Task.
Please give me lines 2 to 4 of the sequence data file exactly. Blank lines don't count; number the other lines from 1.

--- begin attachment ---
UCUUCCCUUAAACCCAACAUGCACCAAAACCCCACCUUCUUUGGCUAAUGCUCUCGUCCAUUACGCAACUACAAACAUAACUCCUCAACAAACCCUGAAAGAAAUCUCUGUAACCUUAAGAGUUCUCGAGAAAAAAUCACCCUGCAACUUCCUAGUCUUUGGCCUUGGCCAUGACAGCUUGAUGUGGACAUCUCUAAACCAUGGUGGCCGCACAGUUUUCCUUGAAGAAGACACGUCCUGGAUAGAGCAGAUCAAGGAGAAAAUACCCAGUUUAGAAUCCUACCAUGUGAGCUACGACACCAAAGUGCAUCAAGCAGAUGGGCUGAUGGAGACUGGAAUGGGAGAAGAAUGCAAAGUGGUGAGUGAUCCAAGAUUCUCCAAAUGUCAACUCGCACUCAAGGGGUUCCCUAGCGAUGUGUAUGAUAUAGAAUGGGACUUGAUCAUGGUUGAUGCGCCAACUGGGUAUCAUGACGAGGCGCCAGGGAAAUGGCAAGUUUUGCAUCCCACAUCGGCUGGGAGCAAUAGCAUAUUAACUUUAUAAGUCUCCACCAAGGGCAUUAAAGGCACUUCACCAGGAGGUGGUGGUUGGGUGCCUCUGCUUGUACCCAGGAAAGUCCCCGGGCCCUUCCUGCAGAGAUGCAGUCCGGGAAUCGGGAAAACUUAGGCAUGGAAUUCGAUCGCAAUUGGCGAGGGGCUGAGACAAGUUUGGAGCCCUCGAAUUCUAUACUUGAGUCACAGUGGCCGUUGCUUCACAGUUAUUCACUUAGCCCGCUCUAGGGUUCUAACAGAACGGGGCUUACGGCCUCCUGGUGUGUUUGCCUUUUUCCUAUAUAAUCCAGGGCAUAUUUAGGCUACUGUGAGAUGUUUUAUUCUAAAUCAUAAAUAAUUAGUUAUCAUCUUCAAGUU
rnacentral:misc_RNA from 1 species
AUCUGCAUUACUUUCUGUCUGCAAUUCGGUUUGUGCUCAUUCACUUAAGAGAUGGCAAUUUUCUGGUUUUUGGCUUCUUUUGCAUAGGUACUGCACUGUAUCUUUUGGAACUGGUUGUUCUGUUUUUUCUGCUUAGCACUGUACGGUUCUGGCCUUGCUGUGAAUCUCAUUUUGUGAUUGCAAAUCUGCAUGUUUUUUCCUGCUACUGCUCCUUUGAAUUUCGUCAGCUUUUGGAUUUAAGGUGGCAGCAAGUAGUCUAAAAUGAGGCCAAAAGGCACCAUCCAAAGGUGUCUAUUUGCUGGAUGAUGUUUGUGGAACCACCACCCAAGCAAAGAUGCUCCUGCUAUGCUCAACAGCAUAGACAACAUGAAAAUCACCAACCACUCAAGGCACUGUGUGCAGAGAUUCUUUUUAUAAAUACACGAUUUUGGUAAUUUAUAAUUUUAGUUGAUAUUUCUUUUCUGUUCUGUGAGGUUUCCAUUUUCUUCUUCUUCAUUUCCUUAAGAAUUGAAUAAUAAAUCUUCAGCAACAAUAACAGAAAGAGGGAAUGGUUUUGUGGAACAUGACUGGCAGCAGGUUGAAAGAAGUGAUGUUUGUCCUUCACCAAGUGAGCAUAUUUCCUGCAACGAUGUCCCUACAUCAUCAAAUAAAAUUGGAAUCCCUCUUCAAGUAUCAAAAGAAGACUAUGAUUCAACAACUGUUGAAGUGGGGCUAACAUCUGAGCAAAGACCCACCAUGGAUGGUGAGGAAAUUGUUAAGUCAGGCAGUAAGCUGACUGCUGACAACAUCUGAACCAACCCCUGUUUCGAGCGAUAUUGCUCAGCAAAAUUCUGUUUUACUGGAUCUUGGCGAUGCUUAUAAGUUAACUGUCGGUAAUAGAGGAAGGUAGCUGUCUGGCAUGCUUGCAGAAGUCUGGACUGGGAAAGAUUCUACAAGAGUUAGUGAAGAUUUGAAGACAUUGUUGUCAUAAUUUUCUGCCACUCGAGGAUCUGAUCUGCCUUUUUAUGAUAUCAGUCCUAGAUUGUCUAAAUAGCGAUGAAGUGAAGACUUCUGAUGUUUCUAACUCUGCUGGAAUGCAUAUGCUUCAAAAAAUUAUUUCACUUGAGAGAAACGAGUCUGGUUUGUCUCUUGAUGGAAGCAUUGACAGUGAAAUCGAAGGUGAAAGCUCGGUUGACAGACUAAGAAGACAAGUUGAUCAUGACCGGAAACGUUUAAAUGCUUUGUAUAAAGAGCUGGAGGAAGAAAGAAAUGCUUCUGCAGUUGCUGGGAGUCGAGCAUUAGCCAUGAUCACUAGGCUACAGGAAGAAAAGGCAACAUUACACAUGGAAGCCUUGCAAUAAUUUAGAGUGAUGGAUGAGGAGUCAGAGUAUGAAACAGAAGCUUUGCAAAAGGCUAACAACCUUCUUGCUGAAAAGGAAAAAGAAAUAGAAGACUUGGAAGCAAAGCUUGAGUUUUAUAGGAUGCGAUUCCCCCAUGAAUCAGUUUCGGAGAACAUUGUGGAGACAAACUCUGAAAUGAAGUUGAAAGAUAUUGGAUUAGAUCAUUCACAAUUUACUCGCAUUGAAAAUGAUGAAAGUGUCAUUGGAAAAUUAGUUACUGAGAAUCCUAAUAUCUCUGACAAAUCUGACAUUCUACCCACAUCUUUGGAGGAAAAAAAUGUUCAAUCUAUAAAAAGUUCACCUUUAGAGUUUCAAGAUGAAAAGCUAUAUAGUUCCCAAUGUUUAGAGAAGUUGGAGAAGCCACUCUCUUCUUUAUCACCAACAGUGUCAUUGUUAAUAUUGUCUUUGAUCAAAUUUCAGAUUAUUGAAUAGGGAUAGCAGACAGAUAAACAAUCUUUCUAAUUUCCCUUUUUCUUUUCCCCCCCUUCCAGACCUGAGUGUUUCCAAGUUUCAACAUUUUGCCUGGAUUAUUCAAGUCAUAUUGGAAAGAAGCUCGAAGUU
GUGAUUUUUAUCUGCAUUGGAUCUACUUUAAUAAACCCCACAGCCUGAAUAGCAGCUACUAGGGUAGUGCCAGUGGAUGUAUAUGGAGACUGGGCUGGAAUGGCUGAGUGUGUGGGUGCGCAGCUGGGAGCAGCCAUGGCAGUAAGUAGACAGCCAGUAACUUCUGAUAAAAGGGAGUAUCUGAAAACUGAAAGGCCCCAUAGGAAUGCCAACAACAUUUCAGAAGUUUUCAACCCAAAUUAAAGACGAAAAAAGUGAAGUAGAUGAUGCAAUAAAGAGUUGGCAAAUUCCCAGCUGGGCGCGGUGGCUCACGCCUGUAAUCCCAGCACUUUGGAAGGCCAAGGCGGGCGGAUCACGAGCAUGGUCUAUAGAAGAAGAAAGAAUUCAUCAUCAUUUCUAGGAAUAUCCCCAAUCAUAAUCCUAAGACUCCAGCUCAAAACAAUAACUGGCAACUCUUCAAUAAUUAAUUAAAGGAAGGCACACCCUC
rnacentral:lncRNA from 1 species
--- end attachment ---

rnacentral:misc_RNA from 1 species
AUCUGCAUUACUUUCUGUCUGCAAUUCGGUUUGUGCUCAUUCACUUAAGAGAUGGCAAUUUUCUGGUUUUUGGCUUCUUUUGCAUAGGUACUGCACUGUAUCUUUUGGAACUGGUUGUUCUGUUUUUUCUGCUUAGCACUGUACGGUUCUGGCCUUGCUGUGAAUCUCAUUUUGUGAUUGCAAAUCUGCAUGUUUUUUCCUGCUACUGCUCCUUUGAAUUUCGUCAGCUUUUGGAUUUAAGGUGGCAGCAAGUAGUCUAAAAUGAGGCCAAAAGGCACCAUCCAAAGGUGUCUAUUUGCUGGAUGAUGUUUGUGGAACCACCACCCAAGCAAAGAUGCUCCUGCUAUGCUCAACAGCAUAGACAACAUGAAAAUCACCAACCACUCAAGGCACUGUGUGCAGAGAUUCUUUUUAUAAAUACACGAUUUUGGUAAUUUAUAAUUUUAGUUGAUAUUUCUUUUCUGUUCUGUGAGGUUUCCAUUUUCUUCUUCUUCAUUUCCUUAAGAAUUGAAUAAUAAAUCUUCAGCAACAAUAACAGAAAGAGGGAAUGGUUUUGUGGAACAUGACUGGCAGCAGGUUGAAAGAAGUGAUGUUUGUCCUUCACCAAGUGAGCAUAUUUCCUGCAACGAUGUCCCUACAUCAUCAAAUAAAAUUGGAAUCCCUCUUCAAGUAUCAAAAGAAGACUAUGAUUCAACAACUGUUGAAGUGGGGCUAACAUCUGAGCAAAGACCCACCAUGGAUGGUGAGGAAAUUGUUAAGUCAGGCAGUAAGCUGACUGCUGACAACAUCUGAACCAACCCCUGUUUCGAGCGAUAUUGCUCAGCAAAAUUCUGUUUUACUGGAUCUUGGCGAUGCUUAUAAGUUAACUGUCGGUAAUAGAGGAAGGUAGCUGUCUGGCAUGCUUGCAGAAGUCUGGACUGGGAAAGAUUCUACAAGAGUUAGUGAAGAUUUGAAGACAUUGUUGUCAUAAUUUUCUGCCACUCGAGGAUCUGAUCUGCCUUUUUAUGAUAUCAGUCCUAGAUUGUCUAAAUAGCGAUGAAGUGAAGACUUCUGAUGUUUCUAACUCUGCUGGAAUGCAUAUGCUUCAAAAAAUUAUUUCACUUGAGAGAAACGAGUCUGGUUUGUCUCUUGAUGGAAGCAUUGACAGUGAAAUCGAAGGUGAAAGCUCGGUUGACAGACUAAGAAGACAAGUUGAUCAUGACCGGAAACGUUUAAAUGCUUUGUAUAAAGAGCUGGAGGAAGAAAGAAAUGCUUCUGCAGUUGCUGGGAGUCGAGCAUUAGCCAUGAUCACUAGGCUACAGGAAGAAAAGGCAACAUUACACAUGGAAGCCUUGCAAUAAUUUAGAGUGAUGGAUGAGGAGUCAGAGUAUGAAACAGAAGCUUUGCAAAAGGCUAACAACCUUCUUGCUGAAAAGGAAAAAGAAAUAGAAGACUUGGAAGCAAAGCUUGAGUUUUAUAGGAUGCGAUUCCCCCAUGAAUCAGUUUCGGAGAACAUUGUGGAGACAAACUCUGAAAUGAAGUUGAAAGAUAUUGGAUUAGAUCAUUCACAAUUUACUCGCAUUGAAAAUGAUGAAAGUGUCAUUGGAAAAUUAGUUACUGAGAAUCCUAAUAUCUCUGACAAAUCUGACAUUCUACCCACAUCUUUGGAGGAAAAAAAUGUUCAAUCUAUAAAAAGUUCACCUUUAGAGUUUCAAGAUGAAAAGCUAUAUAGUUCCCAAUGUUUAGAGAAGUUGGAGAAGCCACUCUCUUCUUUAUCACCAACAGUGUCAUUGUUAAUAUUGUCUUUGAUCAAAUUUCAGAUUAUUGAAUAGGGAUAGCAGACAGAUAAACAAUCUUUCUAAUUUCCCUUUUUCUUUUCCCCCCCUUCCAGACCUGAGUGUUUCCAAGUUUCAACAUUUUGCCUGGAUUAUUCAAGUCAUAUUGGAAAGAAGCUCGAAGUU
GUGAUUUUUAUCUGCAUUGGAUCUACUUUAAUAAACCCCACAGCCUGAAUAGCAGCUACUAGGGUAGUGCCAGUGGAUGUAUAUGGAGACUGGGCUGGAAUGGCUGAGUGUGUGGGUGCGCAGCUGGGAGCAGCCAUGGCAGUAAGUAGACAGCCAGUAACUUCUGAUAAAAGGGAGUAUCUGAAAACUGAAAGGCCCCAUAGGAAUGCCAACAACAUUUCAGAAGUUUUCAACCCAAAUUAAAGACGAAAAAAGUGAAGUAGAUGAUGCAAUAAAGAGUUGGCAAAUUCCCAGCUGGGCGCGGUGGCUCACGCCUGUAAUCCCAGCACUUUGGAAGGCCAAGGCGGGCGGAUCACGAGCAUGGUCUAUAGAAGAAGAAAGAAUUCAUCAUCAUUUCUAGGAAUAUCCCCAAUCAUAAUCCUAAGACUCCAGCUCAAAACAAUAACUGGCAACUCUUCAAUAAUUAAUUAAAGGAAGGCACACCCUC